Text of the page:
Composing containment: Incorporating the queer into professional and cultural rhetorics

Persistent Link:
http://hdl.handle.net/10150/280306
Title:
Composing containment: Incorporating the queer into professional and cultural rhetorics
Author:
Mitchell, Danielle
Issue Date:
2003
Publisher:
The University of Arizona.
Rights:
Copyright © is held by the author. Digital access to this material is made possible by the University Libraries, University of Arizona. Further transmission, reproduction or presentation (such as public display or performance) of protected items is prohibited except with permission of the author.
Abstract:
Composing Containment speaks to the paradigm shift in composition studies that has been codified in a number of ways, such as the post-process movement, social-epistemic rhetoric, and cultural rhetoric. Integrating concerns in reception theory, textual and cultural analysis, rhetorics of difference, queer theory, and critical composition pedagogy, each chapter includes an investigation of the rhetorical construction and ideological function of difference in a particular social site: the disciplinary practices in composition, the pop-culture program, Will & Grace, and the discourse advocating the legalization of same-sex marriage. Admittedly, these are substantially different sites of inquiry with their own distinct rhetorical, generic, and political expectations; each site deploys difference as it participates in the production of dominant social values, however. Moreover, as the critiques presented in this project reveal, these sites produce similar ideological effects that secure racist, sexist, classist, and heterosexist ideology. Articulating this discursive resonance extends scholarship in rhetoric and composition in multiple ways. First, it engages the discourse of sexuality in order to further chart its rhetorical terrain. Second, while doing so, it identifies and critiques a dominant rhetorical strategy of this discourse, the rhetoric of incorporation. Third, it models a process of critique to demonstrate how this rhetoric works in contradictory ways. While it creates an image of progressive politics through its inclusion and apparent advocacy on behalf of the Other, for instance, the rhetoric of incorporation actually functions to contain the potentially disruptive power of difference---whether that difference is associated with queerness, basic writing, or liberatory pedagogy. Finally, this project suggests that the social prominence and efficacy of this rhetorical strategy can be countered only with methods of critique that link studies of rhetoric to theories of ideology and materiality.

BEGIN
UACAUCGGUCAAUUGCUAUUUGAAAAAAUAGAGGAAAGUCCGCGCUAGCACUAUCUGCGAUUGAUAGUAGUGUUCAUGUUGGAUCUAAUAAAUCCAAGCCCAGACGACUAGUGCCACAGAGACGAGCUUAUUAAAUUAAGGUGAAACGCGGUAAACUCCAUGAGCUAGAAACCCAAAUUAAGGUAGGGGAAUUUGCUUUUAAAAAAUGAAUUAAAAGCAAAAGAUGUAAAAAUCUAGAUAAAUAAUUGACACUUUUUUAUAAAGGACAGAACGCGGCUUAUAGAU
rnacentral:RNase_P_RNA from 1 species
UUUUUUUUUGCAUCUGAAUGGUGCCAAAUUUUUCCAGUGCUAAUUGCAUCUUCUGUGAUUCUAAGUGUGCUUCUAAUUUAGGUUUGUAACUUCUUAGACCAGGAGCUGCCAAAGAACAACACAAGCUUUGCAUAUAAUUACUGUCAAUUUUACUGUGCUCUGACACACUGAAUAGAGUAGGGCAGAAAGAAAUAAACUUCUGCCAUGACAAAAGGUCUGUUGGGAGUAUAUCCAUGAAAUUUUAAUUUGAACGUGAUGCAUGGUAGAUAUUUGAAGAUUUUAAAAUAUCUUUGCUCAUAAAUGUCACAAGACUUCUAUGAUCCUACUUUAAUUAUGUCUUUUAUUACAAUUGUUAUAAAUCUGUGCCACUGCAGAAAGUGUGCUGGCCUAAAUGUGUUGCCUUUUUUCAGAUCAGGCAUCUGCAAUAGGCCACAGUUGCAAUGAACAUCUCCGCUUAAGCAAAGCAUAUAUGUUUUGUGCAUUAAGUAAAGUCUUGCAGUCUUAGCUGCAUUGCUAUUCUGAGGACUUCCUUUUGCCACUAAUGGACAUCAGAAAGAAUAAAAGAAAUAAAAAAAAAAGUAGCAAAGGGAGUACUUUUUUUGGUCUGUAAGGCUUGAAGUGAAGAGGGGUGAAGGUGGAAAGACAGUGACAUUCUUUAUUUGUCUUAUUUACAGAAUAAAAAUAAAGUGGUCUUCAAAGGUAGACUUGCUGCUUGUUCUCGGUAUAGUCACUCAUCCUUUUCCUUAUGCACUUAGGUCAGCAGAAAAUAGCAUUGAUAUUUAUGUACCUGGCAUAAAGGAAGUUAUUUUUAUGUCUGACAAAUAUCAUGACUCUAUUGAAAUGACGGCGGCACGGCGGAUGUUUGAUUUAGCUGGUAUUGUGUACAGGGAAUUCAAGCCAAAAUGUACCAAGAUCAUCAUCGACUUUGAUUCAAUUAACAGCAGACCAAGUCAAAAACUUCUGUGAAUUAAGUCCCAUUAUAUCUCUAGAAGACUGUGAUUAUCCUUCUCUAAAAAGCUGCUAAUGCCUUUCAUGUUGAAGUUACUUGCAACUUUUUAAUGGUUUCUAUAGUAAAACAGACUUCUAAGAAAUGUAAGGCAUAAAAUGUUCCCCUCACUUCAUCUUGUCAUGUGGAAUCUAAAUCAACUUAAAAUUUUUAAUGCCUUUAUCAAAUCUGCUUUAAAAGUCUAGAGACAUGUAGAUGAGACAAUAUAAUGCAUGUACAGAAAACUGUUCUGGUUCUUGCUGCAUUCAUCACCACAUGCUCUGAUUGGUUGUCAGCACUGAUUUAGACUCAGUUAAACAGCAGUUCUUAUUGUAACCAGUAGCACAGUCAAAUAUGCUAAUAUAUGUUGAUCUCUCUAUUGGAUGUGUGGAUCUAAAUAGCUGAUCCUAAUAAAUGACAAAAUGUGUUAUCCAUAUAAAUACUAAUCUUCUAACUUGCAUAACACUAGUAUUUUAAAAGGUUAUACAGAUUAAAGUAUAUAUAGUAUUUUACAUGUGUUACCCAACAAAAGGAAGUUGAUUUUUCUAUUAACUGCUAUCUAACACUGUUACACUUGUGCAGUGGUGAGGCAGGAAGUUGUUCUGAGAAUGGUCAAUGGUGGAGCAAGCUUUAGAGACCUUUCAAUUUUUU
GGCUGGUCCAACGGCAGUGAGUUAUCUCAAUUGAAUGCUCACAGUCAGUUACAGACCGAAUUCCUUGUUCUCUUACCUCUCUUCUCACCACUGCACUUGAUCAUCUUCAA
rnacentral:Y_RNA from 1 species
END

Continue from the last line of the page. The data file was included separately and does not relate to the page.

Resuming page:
Type:
text; Dissertation-Reproduction (electronic)
Keywords:
Language, Rhetoric and Composition.
Degree Name:
Ph.D.
Degree Level:
doctoral
Degree Program:
Graduate College; English
Degree Grantor:
University of Arizona
Advisor:
McAllister, Ken

Full metadata record

DC FieldValue Language
dc.language.isoen_USen_US
dc.titleComposing containment: Incorporating the queer into professional and cultural rhetoricsen_US